This had nice little appropriate printed sheets to fill in the windows.

Secondly, here is the Kibri kit.

The images provided for the windows were completely inappropriate so I printed up a sheet of light yellow and filled the windows that way. As there was only one LED fitting, I decided to make my own.

I made up twelve of these to shine through the windows. They are all connected to a Marklin 72730 switch box (kindly provided by my Marklin friend, Adrian). In fact, I am so pleased that I am buying some street lights to complete the scenes as the switch box will manage four blocks of lights.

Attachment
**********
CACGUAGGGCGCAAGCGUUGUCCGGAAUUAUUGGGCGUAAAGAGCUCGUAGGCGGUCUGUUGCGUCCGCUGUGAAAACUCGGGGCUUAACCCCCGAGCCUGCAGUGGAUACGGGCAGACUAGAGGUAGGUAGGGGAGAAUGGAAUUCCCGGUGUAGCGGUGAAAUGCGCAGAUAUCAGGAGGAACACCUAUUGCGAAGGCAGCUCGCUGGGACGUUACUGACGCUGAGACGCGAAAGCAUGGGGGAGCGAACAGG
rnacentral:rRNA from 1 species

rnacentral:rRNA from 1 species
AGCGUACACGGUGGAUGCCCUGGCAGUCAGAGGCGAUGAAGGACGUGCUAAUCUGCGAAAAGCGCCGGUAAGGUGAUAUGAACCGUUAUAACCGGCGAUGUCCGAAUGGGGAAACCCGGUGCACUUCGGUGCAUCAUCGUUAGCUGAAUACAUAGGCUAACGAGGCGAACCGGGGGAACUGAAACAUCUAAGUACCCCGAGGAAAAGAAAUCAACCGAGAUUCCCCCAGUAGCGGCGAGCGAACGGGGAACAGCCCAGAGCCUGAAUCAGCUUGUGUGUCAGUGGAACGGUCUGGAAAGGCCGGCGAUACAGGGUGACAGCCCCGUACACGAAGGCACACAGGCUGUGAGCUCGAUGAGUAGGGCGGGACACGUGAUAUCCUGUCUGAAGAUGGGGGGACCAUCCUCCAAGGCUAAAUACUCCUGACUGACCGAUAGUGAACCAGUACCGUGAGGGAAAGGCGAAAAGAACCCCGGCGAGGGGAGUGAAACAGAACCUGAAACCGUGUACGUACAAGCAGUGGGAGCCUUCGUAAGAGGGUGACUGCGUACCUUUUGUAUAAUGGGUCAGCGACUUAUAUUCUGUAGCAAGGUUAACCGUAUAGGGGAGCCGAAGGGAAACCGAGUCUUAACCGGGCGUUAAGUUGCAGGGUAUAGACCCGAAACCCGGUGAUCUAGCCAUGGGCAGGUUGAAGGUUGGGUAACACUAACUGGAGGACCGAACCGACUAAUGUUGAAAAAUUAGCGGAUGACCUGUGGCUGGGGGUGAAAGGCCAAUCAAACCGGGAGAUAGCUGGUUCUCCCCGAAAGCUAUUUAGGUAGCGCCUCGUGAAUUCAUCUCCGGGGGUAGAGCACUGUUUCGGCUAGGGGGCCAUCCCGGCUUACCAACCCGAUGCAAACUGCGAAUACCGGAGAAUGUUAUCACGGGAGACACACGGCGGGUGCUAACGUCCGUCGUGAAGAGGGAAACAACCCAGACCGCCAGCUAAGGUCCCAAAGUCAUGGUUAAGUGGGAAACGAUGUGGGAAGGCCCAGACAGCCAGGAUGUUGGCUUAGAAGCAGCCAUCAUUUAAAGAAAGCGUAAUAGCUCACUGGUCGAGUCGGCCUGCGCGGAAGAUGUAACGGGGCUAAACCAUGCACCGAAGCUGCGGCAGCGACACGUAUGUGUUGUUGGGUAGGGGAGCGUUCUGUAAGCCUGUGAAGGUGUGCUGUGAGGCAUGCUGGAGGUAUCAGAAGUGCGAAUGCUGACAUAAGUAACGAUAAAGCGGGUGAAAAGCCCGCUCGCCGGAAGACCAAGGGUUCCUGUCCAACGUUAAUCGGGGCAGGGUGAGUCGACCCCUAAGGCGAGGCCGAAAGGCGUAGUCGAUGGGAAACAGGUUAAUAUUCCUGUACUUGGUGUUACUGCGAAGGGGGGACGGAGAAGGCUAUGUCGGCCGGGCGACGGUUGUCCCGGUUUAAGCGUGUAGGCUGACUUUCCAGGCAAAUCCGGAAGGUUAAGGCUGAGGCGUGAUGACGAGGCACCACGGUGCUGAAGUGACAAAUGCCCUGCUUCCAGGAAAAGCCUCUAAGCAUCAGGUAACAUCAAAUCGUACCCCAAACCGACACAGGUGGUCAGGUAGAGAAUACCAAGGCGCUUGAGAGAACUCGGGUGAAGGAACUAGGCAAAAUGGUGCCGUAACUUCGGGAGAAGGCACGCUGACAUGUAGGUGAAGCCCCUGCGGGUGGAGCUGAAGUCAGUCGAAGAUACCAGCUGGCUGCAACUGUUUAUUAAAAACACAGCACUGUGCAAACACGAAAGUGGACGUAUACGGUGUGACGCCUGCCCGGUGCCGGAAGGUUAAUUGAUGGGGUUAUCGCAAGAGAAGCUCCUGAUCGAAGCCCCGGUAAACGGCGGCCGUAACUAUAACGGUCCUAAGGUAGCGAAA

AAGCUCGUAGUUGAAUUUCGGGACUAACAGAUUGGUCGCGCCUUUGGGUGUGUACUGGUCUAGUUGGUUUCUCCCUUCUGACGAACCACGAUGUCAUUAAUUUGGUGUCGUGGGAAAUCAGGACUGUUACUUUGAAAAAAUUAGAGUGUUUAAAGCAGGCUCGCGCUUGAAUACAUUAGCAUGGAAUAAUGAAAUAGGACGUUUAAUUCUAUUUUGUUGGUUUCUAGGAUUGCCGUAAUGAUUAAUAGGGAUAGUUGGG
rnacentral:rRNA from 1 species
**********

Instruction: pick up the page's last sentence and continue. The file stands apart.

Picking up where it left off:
To avoid both ends looking like a toy train, I decided to have one end encased in a tunnel. First off, I built an enclosed tunnel from 5mm foam core. I then fronted it with some sheets of polystyrene foam which I carved with a hot wire. The top was filled in with crumpled Amazon brown paper(!) and covered with plaster bandage. Then the whole shebang was coated with a thin coat of Hydrocal. Lots of various greys and white has resulted in a nice rock face. I have some mountain climbers to add to this sometime! I then dragged out my trusty box of trees that have graced lots of my railways over the last few years plus a few built from a Woodland Scenics kit. I don't think it looks half bad. It nicely mutes the sound of the train (and the whistle) as it goes through.